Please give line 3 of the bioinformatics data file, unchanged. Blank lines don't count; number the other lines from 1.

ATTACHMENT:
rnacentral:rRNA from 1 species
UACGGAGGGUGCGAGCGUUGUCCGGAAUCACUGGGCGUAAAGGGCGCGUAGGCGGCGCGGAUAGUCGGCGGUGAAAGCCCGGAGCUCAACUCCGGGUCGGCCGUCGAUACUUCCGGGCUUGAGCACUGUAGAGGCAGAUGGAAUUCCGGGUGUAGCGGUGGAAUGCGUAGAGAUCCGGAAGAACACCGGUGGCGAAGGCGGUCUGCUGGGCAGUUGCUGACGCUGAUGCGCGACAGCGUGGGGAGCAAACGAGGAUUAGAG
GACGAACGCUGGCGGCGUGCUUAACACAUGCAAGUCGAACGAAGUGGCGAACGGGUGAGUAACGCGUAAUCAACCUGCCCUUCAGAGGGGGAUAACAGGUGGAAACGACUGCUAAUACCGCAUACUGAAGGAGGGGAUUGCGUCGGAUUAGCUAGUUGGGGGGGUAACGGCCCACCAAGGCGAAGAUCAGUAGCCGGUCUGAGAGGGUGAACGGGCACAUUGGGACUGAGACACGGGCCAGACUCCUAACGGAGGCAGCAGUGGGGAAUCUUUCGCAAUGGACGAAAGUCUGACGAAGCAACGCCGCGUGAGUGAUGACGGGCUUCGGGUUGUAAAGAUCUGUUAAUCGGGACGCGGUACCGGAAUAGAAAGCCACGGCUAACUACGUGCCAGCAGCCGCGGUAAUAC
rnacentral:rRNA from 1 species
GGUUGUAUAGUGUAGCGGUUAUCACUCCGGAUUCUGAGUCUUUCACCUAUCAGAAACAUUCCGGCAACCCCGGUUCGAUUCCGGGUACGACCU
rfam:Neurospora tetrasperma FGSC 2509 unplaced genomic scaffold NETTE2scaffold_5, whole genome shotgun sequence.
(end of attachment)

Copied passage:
GACGAACGCUGGCGGCGUGCUUAACACAUGCAAGUCGAACGAAGUGGCGAACGGGUGAGUAACGCGUAAUCAACCUGCCCUUCAGAGGGGGAUAACAGGUGGAAACGACUGCUAAUACCGCAUACUGAAGGAGGGGAUUGCGUCGGAUUAGCUAGUUGGGGGGGUAACGGCCCACCAAGGCGAAGAUCAGUAGCCGGUCUGAGAGGGUGAACGGGCACAUUGGGACUGAGACACGGGCCAGACUCCUAACGGAGGCAGCAGUGGGGAAUCUUUCGCAAUGGACGAAAGUCUGACGAAGCAACGCCGCGUGAGUGAUGACGGGCUUCGGGUUGUAAAGAUCUGUUAAUCGGGACGCGGUACCGGAAUAGAAAGCCACGGCUAACUACGUGCCAGCAGCCGCGGUAAUAC